At the beginning of the year, there were some bullish market participants who suggested secondaries transaction volume could smash the $130 billion-plus seen in 2022. Lofty estimates were that figures could creep above $150 billion.

Incoming reports show, however, that first half figures for the year were subdued. Evercore pegged the figure at $42 billion, while Jefferies has it at $43 billion, noting in its first half review that volume was lower than expected. The latter revised its total volume expectations down from $120 billion-plus to $100 billion-plus, in line with activity seen last year.

What this does mean, however, is that second half dealflow is expected to accelerate. We’ve already reported this week what Evercore sees as the drivers behind the pick up in activity, while Jefferies notes in its report that it anticipates $60 billion-plus of volume spurred by a combination of favourable macro conditions, ample dedicated capital and strong pricing.

LP portfolio pricing across asset classes rebounded to 84 percent of net asset value – down 2 percentage points on H1 2022 figures – and up considerably from the 78 percent of NAV seen in the second half of last year, according to Jefferies’ report. LP portfolio pricing for buyouts, which accounted for 72 percent of LP transaction volume, recovered from 84 percent in the back end of 2022 to 90 percent in the first half (off 1 percentage point on H1 2022 pricing).

Slower deployment has led to a slight increase in the capital overhang to 2.3x in the first half from 2.1x in 2022, according to Jefferies. The market now has $220 billion to deploy, though near-term fundraising is expected to drop on previous years, as many buyers have completed their raises. Jefferies anticipates $66 billion is still set to be committed.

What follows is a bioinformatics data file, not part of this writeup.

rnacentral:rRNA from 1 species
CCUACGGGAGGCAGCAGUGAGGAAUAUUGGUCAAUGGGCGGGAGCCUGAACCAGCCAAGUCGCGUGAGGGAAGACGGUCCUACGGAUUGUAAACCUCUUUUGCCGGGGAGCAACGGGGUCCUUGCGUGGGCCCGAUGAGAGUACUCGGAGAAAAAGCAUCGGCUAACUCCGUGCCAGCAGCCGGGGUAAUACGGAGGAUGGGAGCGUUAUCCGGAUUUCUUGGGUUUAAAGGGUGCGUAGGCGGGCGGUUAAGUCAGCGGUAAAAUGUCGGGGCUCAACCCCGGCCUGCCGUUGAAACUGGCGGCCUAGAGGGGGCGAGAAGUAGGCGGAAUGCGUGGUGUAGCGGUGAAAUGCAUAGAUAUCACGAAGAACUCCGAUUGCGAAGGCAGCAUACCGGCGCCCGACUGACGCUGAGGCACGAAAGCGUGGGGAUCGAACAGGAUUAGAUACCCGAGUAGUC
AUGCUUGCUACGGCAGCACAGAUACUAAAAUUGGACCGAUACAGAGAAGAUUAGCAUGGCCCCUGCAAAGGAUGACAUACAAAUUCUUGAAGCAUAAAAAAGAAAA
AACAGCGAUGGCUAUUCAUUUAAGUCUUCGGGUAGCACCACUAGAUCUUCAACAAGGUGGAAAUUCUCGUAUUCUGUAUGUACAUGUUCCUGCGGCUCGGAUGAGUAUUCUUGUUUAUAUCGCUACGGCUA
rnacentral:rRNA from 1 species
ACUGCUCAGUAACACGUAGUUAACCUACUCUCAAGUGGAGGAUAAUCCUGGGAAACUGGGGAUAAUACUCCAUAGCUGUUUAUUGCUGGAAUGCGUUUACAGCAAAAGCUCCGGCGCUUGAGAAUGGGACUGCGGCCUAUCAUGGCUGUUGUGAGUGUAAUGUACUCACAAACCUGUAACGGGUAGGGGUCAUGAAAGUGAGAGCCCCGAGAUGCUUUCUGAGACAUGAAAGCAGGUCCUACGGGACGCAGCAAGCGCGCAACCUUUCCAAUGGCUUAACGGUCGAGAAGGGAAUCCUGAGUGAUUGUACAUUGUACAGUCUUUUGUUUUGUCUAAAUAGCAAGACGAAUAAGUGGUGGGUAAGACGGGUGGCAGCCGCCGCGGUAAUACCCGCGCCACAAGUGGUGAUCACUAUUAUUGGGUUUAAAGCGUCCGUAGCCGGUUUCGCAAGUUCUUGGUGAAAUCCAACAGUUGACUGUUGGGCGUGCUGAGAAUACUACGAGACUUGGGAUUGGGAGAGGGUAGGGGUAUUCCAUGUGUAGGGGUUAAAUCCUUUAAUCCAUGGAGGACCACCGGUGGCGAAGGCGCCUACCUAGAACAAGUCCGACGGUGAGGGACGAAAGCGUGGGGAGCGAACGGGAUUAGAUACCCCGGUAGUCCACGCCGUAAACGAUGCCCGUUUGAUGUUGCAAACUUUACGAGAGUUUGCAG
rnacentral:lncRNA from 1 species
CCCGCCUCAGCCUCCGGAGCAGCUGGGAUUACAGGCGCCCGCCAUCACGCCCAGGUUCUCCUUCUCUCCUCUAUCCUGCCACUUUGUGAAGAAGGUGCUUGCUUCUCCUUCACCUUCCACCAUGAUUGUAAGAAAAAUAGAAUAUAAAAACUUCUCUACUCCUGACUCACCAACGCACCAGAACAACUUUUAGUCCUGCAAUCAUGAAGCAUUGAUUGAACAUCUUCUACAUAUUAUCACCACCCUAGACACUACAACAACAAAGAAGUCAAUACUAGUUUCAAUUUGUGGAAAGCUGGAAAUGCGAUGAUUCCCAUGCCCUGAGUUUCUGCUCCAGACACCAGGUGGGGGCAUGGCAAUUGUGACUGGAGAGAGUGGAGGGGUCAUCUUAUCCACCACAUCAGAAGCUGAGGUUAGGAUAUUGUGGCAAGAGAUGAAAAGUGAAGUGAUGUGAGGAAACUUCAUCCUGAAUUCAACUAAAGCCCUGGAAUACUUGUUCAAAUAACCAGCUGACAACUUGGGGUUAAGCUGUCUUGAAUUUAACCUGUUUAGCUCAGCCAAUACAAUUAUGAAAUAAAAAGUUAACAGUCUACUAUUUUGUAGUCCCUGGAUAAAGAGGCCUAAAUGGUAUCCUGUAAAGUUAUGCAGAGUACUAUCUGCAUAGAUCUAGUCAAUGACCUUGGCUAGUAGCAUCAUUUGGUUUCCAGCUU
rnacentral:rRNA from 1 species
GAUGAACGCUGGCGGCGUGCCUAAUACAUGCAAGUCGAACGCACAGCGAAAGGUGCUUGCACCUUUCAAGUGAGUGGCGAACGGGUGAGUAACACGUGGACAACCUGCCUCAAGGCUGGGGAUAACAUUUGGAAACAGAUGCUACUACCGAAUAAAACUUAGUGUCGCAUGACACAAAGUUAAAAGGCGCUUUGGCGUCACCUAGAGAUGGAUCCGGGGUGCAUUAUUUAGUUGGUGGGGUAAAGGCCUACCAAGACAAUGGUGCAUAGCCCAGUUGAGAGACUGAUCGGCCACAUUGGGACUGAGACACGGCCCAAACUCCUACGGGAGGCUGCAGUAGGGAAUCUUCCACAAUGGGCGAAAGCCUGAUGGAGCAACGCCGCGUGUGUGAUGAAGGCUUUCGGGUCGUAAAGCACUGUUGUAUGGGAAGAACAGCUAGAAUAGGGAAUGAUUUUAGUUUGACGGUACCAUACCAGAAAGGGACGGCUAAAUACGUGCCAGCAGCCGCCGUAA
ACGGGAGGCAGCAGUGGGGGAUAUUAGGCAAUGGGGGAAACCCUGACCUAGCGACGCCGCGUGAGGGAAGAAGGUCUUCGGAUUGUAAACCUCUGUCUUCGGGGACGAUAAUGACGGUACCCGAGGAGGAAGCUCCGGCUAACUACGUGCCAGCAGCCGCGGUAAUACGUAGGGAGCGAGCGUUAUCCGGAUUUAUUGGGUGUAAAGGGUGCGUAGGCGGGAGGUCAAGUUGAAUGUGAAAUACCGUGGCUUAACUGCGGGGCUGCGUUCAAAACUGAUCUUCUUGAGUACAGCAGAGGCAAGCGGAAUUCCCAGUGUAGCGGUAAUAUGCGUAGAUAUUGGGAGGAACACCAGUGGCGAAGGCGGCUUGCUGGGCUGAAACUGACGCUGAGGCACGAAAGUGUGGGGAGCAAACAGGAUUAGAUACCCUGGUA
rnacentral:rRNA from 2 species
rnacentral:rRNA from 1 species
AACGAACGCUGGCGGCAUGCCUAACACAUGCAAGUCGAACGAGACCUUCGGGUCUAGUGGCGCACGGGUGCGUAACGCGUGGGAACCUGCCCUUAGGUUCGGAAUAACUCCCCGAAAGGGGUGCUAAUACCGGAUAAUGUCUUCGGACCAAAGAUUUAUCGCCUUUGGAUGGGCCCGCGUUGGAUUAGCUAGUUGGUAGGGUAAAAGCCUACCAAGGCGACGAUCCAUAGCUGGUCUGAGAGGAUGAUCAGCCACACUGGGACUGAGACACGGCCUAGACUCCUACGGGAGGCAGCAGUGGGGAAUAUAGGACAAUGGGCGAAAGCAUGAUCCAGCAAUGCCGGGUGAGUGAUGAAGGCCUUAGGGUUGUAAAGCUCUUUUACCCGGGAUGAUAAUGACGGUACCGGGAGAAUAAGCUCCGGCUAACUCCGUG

The market’s ready to get more transactions off the ground. The vast majority (93 percent) of secondaries buyers that Investec reached out to for a report published this week said they believe deal volumes this year will exceed last year’s levels – up from 79 percent of respondents in 2022.

Jefferies expects a relatively even split in LP-led and GP-led activity moving into the second half. It believes buyers will remain “highly focused” on LP-leds as a source of diversification for their portfolios, while GP-leds will be bolstered namely by three things: a growing investor pool as new players come to market; a “robust” single-asset continuation fund segment; and near-par pricing. That capital overhang, too, will come down as pricing stabilises and buyers pound the pavement with more confidence.

While 2023 may not end a record year for deal volume, participants across the market are rolling up their sleeves for more action in the second half. As always, this is a market segment that always leaves room for surprises.

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